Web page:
Rising Up Coalition: Protect TFWs from Bad Recruiters and Employers

  • Page Views 1226
  • It is illegal to charge a worker a fee for work in B.C.

    We understand that and yet we know this exchange of money happens.  Yes, it is illegal but that has not stopped recruiters from charging fees for migrant workers to work in Canada. Recruitment fees are not legal,  and recruiters and employers break the law when they do so. Rising Up Against Unjust Recruitment, a new coalition, is calling on the Labour MinisterShirley Bond  to STOP this.

    In an open letter to Minister Shirley Bond delivered by courier last Friday, April 6, more than 30 groups and organizations, from unions, lawyers, academic community, grassroots organizations, service providers, faith-based groups, migrant advocates,  signed on to strongly demand that the BC government take firm action and stop the abuse of TFWs from recruiters and employers who exact thousands of dollars in illegal recruitment fees from these workers.

    We know this exaction of recruitment fees happens, even in our Filipino community. It comes in various forms with different payment plans;  the combination of this debt burden, long before these workers leave for their jobs abroad, the low wages they receive in their host countries, their tied work permits to a single employer and their precarious temporary status makes migrant workers vulnerable to abuse and exploitation.

    How much are we talking about here? Typical fees range from $5,000 to $12,000 for jobs and desperation will push workers to borrow to pay these fees, with high interest of course. “Kapit patalim” provides the graphic image of workers gripping the sharp blade of a knife.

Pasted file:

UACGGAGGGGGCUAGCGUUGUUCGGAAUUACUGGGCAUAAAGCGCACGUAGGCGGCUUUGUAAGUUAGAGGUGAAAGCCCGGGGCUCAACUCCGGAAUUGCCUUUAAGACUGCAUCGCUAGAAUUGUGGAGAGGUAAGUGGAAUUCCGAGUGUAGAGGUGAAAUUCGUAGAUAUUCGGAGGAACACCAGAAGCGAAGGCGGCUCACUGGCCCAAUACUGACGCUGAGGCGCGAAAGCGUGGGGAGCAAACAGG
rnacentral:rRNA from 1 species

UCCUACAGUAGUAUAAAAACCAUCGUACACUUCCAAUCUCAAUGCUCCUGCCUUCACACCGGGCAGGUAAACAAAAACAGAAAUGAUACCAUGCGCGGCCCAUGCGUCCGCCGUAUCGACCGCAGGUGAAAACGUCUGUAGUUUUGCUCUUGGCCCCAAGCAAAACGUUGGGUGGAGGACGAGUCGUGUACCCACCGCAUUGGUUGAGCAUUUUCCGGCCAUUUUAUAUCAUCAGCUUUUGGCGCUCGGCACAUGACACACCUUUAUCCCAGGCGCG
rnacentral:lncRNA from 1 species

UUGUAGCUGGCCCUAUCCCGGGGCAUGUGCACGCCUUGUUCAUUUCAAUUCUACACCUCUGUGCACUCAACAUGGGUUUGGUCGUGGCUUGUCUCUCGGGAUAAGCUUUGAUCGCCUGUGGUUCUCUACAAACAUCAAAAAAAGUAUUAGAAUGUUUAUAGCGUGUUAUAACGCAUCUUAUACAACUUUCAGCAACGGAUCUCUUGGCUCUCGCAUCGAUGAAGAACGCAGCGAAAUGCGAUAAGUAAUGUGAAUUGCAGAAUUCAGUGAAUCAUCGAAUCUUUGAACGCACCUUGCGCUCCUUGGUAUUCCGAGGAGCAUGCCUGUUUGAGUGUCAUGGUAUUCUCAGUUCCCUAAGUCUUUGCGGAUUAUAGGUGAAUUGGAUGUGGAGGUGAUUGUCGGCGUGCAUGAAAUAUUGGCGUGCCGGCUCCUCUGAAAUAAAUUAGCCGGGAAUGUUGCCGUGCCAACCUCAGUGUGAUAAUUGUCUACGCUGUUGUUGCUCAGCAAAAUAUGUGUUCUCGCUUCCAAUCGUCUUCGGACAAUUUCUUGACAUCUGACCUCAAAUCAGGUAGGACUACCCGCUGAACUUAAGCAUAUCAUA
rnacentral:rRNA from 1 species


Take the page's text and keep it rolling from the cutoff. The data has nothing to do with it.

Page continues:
We know that there are cases where workers pay fees for promised jobs and contracts only to arrive in Canada and find out there are no jobs exist. This is referred to as “release upon arrival.” Other workers find their jobs are not what is written in their work permits or that the conditions of their work do not match what are on the contract. Recruitment fees and violations of work contracts were two issues that featured in the class action suit filed by the Filipino TFWs against their employer, Denny’s Restaurants.

    Oversight is not enough and law enforcement in this situation has no teeth. This is the reason why unjust recruitment continues to happen. Can workers get the fees they paid back? Almost impossible if the fees were paid to a partner recruiter outside of Canada because the long arm of the law does not stretch that far. If recruiters are BC based, the worker complainant would have to make sure that they complain within the six-month limitation period set by the Employment Standards Branch.

    In the open letter, the Rising Up Coalition wrote “… we strongly urge the provincial government to enact legislation and policy to ensure that the Employment Standards Branch is mandated to proactively investigate, enforce and penalize offending recruiters and employers. In doing so, BC would be aligning itself with six other provinces which have recognized the need to protect vulnerable TFWs through legislation.”